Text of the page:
Working with Whitby Museum and specialists from Historic England, we held a seminar last spring bringing together a group of dedicated people with a strong interest or connection to the coastal alum working sites – landowners, archaeologists, academics and private researchers – to review what we know about the alum industry, to decide what we don’t understand and to look for a way forward to manage the risk to the sites under threat and ensure that we do not lose the valuable information held within them. One of the ideas emerging from the seminar was a further excavation project with an emphasis on engagement and interpretation as well as research.

Archaeological excavations take considerable planning and funds to ensure that they are carried out to a high standard and achieve objectives without causing accidental damage, so it can be a slow process getting started. We are now working towards setting up a project to investigate one of the sites which we didn’t include in the investigations in 2014-15 – the alum works at Stoupe Brow, near Ravenscar. An extensive system of reservoirs and water leats (dug channels) was revealed on the nearby Fylingdales Moor after the 2003 wildfire and we know that this water management system supplied the needs of the alum processing at Stoupe Brow, but other than that we currently know very little about this site. Historic England recently completed a topographic survey of the earthworks so we can now see how the site was laid out, but not how it operated. The site still includes its alum house (where the final processing to produce alum crystals was carried out) and there is still a general gap in knowledge when it comes to how alum houses functioned. As well as trying to discover more about the practical operations at the site the project will record the structures which are currently being gradually lost over the cliff edge. A big advantage of this particular site is that it is more accessible and less dangerous compared to some of the other coastal alum working sites – providing great opportunities for volunteers and visitors.

The first stage of the project is producing a project proposal which will outline what we want to do and how much it will cost, and this is expected by the end of this winter. The next step will be using the proposal to generate partnership support and seek funding. It is early days yet, but we hope this will develop into an exciting project – watch out for further posts as our plans progress.

Mags Waughman, Monument Management Scheme Officer

Cosy and warm

John Beech – Land Management Adviser

Hygge (pronounced hoo–gah) has been a major trend for this Christmas period. It’s a Danish ‘concept’ of living cosily e.g. wearing thick socks whilst drinking hot chocolate and watching Murder She Wrote – which can make us feel better about the icy and harsh season outside.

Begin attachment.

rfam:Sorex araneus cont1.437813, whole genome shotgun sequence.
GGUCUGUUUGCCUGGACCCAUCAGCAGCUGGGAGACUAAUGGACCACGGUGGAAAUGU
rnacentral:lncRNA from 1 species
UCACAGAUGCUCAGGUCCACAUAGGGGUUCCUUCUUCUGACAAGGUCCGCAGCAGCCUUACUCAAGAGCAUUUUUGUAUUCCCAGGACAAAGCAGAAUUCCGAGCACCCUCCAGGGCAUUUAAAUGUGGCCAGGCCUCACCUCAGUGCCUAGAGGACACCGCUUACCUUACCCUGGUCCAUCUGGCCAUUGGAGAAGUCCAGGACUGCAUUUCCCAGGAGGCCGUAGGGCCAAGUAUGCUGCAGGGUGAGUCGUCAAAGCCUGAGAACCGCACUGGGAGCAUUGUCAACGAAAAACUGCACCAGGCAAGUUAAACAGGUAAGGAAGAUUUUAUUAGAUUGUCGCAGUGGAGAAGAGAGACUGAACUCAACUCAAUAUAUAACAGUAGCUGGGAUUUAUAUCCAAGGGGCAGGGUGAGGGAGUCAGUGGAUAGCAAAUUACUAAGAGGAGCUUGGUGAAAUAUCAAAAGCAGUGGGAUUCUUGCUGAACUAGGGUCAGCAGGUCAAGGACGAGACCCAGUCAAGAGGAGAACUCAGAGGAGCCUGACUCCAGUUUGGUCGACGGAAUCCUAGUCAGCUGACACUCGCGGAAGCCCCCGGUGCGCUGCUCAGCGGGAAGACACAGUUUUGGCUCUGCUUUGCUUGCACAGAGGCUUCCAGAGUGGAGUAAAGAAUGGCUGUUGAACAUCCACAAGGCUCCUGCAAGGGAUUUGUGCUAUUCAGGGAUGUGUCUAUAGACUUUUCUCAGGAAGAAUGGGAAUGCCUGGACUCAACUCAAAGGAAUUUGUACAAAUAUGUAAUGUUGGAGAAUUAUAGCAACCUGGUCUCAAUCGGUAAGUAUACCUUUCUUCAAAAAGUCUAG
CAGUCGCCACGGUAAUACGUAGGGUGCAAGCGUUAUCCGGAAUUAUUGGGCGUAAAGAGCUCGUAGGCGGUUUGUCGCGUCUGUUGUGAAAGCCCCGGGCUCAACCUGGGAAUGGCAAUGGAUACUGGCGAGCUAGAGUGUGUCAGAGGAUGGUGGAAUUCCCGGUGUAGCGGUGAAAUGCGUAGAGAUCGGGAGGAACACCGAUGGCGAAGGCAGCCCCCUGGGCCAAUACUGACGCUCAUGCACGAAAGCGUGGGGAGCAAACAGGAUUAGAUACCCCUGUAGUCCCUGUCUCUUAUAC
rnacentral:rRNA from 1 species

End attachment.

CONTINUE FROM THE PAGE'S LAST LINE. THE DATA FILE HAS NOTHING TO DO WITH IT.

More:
For a number of wild animal species, they have their own version of hygge except for them it’s a necessary survival mechanism. Hibernation is an extended period of deep sleep, or torpor*, which allows animals to survive the winter extremes. By reducing their metabolic rate and lowering body temperature this enables them to sit tight, conserve their energy and survive through the cold periods when food is scarce or has little energy value. *Animals in a state of torpor rather than sleep can venture out to try and find additional supplies during warmer winter spells.

In autumn as the temperature begins to fall and the nights draw in, many of the small mammals that live in our fields, woodlands and hedgerows forage for extra food to store over the winter and look for a suitable site (a hibernaculum) to hole up in for the coldest part of the year. Autumn months are often one of the better times of year to see small mammals in the North York Moors such as mice, voles, shrews and Hedgehogs (Erinaceus europaeus) out and about eating vast quantities of food to build up fat reserves which will carry them through to the spring.  Following this period of feasting they retreat to somewhere suitably warm and undisturbed and begin to enter into a period of hibernation, which can last for up to four months of the year depending on the harshness of the weather. Also in autumn bats relocate to hibernation roosts looking for a constant temperature and to avoid frosts and freezing e.g. caves, trees and built structures.

And it’s not just our small mammals that hibernate:  Queen bees dig in for the winter and also some species of moths and butterflies, like the Duke of Burgundy (Hamearis lucina) which hunker down in grassy tussocks. Many of our reptiles and amphibians also hibernate. Adders find warmer crevices under boulders or in dry stone walls. Newt species spend the winter in the muddy banks of ponds, under paving slabs, piles of wood or in a handy compost heap. Common Toads (Bufo bufo) sleep out the winter buried deep in damp places such as leaf piles or compost heaps, before emerging to travel back to their traditional breeding sites in early spring. The Common Frog (Rana temporaria) which needs to keep damp is able to partially freeze in its state of hibernation before thawing out in spring. Occasionally such species come out of hibernation during any short sunny spells in the winter to make the most of the weak sunshine, only to return to their hiding place when the temperature falls again.

Malkin Bower, Bilsdale - in winter - copyright NYMNPA.